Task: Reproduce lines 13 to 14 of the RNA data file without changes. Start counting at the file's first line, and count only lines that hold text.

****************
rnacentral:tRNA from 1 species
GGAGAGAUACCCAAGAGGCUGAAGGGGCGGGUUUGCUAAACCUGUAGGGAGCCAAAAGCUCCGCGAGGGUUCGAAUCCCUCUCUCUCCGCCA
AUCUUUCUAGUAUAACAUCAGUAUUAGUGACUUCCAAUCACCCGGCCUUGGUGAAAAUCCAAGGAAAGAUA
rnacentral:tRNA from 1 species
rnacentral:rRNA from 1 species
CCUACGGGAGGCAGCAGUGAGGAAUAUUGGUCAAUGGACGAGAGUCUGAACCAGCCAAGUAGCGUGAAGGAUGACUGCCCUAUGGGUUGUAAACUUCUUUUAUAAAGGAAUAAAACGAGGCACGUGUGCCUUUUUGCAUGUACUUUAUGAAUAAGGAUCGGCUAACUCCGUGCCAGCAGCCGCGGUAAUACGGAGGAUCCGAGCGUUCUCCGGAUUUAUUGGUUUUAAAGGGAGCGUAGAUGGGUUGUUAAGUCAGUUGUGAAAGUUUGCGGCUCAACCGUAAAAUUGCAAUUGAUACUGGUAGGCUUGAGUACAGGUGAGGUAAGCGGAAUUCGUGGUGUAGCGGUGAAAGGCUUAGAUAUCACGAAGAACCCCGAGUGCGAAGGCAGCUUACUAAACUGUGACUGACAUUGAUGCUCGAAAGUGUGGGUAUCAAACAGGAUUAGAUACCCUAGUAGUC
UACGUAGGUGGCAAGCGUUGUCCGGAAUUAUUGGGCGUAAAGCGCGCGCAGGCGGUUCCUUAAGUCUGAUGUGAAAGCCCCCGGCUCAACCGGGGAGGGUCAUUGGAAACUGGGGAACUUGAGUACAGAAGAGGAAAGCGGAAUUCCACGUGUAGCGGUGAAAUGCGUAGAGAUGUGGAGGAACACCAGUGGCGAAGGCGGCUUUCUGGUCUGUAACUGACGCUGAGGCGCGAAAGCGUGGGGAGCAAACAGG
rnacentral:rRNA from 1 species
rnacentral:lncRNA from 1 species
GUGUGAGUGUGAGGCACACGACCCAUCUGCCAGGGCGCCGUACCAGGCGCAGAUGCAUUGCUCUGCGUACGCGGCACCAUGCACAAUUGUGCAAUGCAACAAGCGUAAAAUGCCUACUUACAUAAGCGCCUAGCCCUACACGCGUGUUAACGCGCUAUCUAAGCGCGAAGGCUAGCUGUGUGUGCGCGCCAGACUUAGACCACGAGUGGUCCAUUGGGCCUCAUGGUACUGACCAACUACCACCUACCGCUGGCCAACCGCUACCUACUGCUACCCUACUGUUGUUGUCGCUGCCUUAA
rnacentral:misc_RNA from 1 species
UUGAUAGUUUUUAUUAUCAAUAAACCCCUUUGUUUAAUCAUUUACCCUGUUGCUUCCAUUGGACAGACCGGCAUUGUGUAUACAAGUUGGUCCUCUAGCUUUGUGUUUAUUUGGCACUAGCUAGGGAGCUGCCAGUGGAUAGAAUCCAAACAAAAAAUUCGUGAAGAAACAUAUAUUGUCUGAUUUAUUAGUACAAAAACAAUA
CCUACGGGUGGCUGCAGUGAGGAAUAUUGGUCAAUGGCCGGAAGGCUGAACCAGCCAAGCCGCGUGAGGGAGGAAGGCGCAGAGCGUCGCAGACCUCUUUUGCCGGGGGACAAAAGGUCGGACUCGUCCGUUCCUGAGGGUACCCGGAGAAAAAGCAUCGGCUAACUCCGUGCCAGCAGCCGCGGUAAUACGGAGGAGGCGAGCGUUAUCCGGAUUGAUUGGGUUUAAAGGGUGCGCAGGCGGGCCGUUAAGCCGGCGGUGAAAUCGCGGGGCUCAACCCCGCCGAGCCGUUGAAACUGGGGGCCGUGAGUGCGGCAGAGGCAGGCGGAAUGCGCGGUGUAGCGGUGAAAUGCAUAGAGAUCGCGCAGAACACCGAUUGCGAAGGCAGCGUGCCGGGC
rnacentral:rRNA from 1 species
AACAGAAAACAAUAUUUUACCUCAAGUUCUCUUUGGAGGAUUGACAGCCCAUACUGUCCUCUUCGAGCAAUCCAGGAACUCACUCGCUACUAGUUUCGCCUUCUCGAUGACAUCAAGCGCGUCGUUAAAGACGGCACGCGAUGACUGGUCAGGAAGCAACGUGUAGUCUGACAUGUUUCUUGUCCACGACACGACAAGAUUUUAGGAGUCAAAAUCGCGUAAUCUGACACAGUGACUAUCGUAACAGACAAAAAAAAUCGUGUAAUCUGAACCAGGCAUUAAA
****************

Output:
CCUACGGGUGGCUGCAGUGAGGAAUAUUGGUCAAUGGCCGGAAGGCUGAACCAGCCAAGCCGCGUGAGGGAGGAAGGCGCAGAGCGUCGCAGACCUCUUUUGCCGGGGGACAAAAGGUCGGACUCGUCCGUUCCUGAGGGUACCCGGAGAAAAAGCAUCGGCUAACUCCGUGCCAGCAGCCGCGGUAAUACGGAGGAGGCGAGCGUUAUCCGGAUUGAUUGGGUUUAAAGGGUGCGCAGGCGGGCCGUUAAGCCGGCGGUGAAAUCGCGGGGCUCAACCCCGCCGAGCCGUUGAAACUGGGGGCCGUGAGUGCGGCAGAGGCAGGCGGAAUGCGCGGUGUAGCGGUGAAAUGCAUAGAGAUCGCGCAGAACACCGAUUGCGAAGGCAGCGUGCCGGGC
rnacentral:rRNA from 1 species